This I Believe

Cheryl - Lincoln City 97367, Oregon
Entered on June 1, 2006
Age Group: 50 - 65
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The Earth Rearranger

I nearly died today, but nothing happened.

While traveling from New Mexico to Oregon, I drove down a rural road on a fine, sunny morning. Ahead of me a farmer steered a fantastic farm implement with massive rotating blades designed to seriously rearrange the earth.

The road was straight, and I eased into the other lane to pass. I was almost even with this behemoth of whirling metal parts when the farmer turned his head and saw me at his left flank. He flinched, bobbled the steering wheel, and abruptly slowed down. In my mirror I saw him turn left through a farm gate.

Two bits of information instantly came to me. First, the driver had glanced back expecting no traffic. Second, if he had made that turn without looking, the earth-altering machine would have chopped through the top half of my car and the top third of me.

This happened so fast, I did not have time to react.

Only later did it dawn on me what a close call I’d had. I had driven halfway across the country to visit my sister, and I was nearly a traffic fatality a mile from her door. How I should feel about this non-event? Part of me said, “Forget it. Nothing happened.” Another part said, “But something catastrophic almost happened.” This seemed too important to simply let it go.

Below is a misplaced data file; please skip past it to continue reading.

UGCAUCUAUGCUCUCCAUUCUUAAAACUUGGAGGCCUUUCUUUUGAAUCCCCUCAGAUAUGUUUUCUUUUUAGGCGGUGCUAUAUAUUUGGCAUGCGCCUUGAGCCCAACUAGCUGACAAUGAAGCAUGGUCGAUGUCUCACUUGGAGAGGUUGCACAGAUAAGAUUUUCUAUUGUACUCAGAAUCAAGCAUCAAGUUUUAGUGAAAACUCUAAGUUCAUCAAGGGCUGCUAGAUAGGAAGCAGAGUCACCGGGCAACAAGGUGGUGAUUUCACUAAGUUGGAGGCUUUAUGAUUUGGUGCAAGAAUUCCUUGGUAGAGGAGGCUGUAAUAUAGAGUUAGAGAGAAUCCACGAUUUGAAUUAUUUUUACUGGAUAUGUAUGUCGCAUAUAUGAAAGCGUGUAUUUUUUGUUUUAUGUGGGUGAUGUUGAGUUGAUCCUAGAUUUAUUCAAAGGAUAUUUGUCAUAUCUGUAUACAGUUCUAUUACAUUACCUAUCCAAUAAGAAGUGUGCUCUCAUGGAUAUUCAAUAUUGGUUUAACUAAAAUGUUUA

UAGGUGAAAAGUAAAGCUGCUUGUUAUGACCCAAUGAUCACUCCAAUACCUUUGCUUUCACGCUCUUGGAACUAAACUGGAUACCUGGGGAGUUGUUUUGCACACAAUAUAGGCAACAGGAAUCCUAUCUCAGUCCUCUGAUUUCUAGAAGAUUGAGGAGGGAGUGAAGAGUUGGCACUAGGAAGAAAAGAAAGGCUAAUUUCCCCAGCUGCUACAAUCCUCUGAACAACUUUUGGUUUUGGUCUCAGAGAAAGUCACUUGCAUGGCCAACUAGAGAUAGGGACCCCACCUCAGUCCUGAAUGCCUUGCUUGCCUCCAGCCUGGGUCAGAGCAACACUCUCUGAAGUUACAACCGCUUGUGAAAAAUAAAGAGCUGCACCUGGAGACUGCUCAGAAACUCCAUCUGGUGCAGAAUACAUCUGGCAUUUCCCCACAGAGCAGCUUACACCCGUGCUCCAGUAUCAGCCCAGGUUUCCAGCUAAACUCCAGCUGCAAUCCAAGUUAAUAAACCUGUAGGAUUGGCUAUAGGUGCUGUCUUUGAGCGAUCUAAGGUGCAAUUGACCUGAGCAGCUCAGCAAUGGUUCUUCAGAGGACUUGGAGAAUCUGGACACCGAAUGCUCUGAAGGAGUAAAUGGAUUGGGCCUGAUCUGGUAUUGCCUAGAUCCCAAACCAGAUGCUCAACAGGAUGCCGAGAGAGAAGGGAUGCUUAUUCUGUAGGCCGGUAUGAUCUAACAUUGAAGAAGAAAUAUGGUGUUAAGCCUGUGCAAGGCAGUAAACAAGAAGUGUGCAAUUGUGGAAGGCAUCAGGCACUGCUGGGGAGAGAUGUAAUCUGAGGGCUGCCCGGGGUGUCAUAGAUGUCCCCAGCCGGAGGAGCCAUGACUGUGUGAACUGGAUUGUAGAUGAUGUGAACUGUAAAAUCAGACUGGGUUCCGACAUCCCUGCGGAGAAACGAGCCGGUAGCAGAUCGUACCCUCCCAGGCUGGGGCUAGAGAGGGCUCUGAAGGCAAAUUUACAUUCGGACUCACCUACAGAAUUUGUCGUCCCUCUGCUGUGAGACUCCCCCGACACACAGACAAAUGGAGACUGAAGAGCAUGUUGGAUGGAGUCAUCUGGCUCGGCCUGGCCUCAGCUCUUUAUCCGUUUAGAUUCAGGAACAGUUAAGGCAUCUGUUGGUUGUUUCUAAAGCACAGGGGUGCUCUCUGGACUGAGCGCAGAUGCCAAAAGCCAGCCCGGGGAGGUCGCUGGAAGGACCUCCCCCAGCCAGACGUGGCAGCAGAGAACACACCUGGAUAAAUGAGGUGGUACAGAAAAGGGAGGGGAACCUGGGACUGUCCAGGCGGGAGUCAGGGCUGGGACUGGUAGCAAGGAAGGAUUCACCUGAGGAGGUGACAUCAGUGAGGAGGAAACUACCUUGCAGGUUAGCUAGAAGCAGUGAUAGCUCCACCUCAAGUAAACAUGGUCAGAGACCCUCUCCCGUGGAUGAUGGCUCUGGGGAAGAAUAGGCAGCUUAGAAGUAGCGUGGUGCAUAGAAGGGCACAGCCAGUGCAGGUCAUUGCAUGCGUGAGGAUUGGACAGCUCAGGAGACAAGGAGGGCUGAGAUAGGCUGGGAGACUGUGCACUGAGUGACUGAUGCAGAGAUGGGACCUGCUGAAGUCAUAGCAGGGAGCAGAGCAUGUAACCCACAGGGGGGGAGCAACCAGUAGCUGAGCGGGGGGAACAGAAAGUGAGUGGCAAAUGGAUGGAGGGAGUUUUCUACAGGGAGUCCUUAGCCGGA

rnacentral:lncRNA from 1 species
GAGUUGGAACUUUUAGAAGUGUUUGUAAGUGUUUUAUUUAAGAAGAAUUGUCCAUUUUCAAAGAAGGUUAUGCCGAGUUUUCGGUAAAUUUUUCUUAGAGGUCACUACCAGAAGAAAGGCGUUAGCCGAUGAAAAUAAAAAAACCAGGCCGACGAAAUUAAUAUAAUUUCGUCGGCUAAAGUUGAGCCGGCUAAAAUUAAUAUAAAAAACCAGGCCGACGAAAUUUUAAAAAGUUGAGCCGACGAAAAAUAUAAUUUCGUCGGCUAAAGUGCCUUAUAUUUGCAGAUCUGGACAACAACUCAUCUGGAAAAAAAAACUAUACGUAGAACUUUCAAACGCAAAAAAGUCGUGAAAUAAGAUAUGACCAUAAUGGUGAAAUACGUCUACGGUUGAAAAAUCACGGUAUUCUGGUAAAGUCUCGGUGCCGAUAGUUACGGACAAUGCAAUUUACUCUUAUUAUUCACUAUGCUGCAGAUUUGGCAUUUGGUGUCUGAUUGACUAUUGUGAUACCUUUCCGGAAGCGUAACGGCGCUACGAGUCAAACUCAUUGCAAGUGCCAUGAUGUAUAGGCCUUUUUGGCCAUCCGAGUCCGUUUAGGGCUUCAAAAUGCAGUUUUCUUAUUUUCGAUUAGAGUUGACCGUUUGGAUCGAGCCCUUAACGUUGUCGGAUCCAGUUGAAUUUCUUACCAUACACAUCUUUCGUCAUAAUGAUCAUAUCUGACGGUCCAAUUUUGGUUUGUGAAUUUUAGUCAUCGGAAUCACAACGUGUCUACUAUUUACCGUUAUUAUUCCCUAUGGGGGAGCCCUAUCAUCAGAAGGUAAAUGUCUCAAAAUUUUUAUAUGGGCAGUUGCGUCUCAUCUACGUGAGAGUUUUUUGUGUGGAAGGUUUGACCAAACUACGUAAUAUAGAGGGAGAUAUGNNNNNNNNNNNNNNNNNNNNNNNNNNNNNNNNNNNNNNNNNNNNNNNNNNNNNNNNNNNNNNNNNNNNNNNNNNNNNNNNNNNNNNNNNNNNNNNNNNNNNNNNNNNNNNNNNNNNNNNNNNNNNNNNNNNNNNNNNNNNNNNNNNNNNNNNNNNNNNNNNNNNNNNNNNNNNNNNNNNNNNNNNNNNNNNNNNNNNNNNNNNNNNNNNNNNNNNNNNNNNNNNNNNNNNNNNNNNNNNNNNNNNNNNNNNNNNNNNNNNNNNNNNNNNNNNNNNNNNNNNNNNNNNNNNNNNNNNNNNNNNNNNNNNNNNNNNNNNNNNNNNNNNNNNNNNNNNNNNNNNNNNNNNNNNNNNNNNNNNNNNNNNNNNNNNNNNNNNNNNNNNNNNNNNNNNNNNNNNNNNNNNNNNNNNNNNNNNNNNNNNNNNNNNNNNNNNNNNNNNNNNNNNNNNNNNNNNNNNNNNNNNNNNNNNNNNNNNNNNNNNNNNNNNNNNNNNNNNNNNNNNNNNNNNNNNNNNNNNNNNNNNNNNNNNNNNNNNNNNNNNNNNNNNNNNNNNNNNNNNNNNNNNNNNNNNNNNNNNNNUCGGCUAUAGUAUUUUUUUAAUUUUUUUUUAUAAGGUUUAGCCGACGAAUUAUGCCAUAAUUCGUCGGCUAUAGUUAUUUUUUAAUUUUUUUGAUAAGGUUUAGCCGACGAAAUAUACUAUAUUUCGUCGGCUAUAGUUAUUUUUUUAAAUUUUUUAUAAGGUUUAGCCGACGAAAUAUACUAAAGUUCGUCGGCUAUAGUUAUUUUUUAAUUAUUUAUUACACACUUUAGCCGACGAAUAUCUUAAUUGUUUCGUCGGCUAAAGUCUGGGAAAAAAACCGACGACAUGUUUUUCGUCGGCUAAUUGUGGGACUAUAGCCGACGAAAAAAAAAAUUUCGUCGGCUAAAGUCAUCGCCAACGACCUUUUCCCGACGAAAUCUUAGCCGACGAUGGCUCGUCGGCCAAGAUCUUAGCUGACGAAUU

A stranger’s glance had preserved my life. Should I feel grateful to him for sparing my life? Should I be angry at him because he almost took it?

But nothing had happened. The farmer did spot me. I had arrived without being chopped up.

This was not my first near-miss. There were close calls rock climbing, kicks and falls off various horses, the many automobile accidents that almost, but did not, happen. How strong and tenacious is our grip on life, yet how fragile is the thread that connects our todays to our tomorrows.

We humans are the only species that can contemplate our own end. Logic would suggest that we live our lives nervous or depressed, but we mostly assume when we arise in the morning that we will be alive at bedtime. How we maintain this optimism varies by individual. Some people put their trust in supreme beings to keep them safe. Others, I call them the thunderbolt people, believe their fate is predetermined—when their time is up, it’s up.

I believe I fall into a third decidedly smaller group. I take comfort in the randomness of our affairs. No big plan or planner. Stuff–good, bad, and indifferent–simply happens. I don’t consider myself charmed, protected by angels, or overflowing with good karma. I’m here for awhile, then I’m not. I’ll live on awhile in the memories of living family and relatives, then I’ll fade away.

I don’t know which system true. For today, I’m simply glad that that farmer turned his head and hadn’t turned his earth rearranger into my path. That today, nothing had happened.